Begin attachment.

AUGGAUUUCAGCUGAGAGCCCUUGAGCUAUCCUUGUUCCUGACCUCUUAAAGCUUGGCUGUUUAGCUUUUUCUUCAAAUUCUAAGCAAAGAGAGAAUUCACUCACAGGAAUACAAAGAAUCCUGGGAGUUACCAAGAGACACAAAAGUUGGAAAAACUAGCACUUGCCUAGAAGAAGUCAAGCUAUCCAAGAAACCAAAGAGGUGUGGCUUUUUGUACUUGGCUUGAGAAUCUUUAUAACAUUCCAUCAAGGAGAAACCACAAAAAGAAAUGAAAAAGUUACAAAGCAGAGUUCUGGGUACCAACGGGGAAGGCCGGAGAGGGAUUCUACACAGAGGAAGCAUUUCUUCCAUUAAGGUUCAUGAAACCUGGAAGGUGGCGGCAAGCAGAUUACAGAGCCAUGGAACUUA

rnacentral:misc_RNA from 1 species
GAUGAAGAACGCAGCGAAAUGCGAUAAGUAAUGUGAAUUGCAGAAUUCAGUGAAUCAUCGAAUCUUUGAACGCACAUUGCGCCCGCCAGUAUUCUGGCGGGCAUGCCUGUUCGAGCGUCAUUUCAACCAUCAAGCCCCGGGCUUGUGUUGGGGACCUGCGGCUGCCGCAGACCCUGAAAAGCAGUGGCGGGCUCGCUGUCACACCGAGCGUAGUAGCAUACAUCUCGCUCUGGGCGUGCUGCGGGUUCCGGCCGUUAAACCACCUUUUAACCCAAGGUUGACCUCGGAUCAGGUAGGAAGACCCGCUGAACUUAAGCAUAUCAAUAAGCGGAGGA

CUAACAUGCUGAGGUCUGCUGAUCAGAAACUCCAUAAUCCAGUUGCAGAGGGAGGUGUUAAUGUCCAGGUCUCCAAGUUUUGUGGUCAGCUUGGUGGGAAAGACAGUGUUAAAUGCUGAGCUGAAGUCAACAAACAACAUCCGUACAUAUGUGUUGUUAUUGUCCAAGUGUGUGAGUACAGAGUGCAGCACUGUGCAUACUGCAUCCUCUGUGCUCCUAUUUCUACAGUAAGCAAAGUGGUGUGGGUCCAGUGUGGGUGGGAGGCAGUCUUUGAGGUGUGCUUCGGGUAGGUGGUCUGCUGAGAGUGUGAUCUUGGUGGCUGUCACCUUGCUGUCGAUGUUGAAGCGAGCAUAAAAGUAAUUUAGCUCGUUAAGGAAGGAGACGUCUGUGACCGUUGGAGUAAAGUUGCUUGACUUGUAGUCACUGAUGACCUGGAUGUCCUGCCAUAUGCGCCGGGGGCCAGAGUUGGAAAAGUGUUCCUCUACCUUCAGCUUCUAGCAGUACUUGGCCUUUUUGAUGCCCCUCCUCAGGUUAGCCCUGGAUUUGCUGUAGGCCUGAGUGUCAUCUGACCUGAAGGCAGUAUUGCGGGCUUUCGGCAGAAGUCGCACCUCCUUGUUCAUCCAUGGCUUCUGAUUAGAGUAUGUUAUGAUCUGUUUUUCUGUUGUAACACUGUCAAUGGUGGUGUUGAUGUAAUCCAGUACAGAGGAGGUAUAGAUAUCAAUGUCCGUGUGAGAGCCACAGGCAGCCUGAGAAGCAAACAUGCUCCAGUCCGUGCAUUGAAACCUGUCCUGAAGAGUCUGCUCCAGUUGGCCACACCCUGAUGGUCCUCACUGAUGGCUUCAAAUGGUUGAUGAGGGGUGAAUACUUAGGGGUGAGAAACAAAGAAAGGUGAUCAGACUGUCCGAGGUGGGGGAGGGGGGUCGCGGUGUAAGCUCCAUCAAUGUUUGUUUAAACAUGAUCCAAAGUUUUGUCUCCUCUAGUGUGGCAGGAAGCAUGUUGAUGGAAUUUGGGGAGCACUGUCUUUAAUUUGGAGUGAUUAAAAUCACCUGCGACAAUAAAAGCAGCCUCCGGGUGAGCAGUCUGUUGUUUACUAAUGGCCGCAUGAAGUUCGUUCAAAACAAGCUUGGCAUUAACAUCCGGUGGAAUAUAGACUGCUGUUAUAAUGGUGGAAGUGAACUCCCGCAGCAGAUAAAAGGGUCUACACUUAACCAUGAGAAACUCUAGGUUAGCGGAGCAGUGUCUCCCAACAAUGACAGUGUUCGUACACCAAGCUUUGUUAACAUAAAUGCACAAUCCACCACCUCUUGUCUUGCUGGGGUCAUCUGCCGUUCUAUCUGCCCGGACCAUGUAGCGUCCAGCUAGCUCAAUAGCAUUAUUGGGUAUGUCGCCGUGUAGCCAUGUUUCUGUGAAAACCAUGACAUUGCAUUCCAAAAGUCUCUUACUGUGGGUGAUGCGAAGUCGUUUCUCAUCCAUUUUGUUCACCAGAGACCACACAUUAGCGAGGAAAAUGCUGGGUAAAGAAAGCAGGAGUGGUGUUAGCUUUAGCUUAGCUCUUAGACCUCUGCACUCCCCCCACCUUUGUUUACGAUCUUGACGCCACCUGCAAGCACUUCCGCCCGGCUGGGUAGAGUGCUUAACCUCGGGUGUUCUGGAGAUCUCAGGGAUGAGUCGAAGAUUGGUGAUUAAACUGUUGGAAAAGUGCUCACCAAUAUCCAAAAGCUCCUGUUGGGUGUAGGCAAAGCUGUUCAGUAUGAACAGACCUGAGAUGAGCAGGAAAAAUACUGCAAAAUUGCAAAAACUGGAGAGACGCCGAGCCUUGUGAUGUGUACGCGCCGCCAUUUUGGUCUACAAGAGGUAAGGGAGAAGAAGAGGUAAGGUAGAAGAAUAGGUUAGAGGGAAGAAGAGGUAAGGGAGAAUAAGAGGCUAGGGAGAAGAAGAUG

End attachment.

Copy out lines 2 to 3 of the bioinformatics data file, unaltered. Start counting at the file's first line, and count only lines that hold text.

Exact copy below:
rnacentral:misc_RNA from 1 species
GAUGAAGAACGCAGCGAAAUGCGAUAAGUAAUGUGAAUUGCAGAAUUCAGUGAAUCAUCGAAUCUUUGAACGCACAUUGCGCCCGCCAGUAUUCUGGCGGGCAUGCCUGUUCGAGCGUCAUUUCAACCAUCAAGCCCCGGGCUUGUGUUGGGGACCUGCGGCUGCCGCAGACCCUGAAAAGCAGUGGCGGGCUCGCUGUCACACCGAGCGUAGUAGCAUACAUCUCGCUCUGGGCGUGCUGCGGGUUCCGGCCGUUAAACCACCUUUUAACCCAAGGUUGACCUCGGAUCAGGUAGGAAGACCCGCUGAACUUAAGCAUAUCAAUAAGCGGAGGA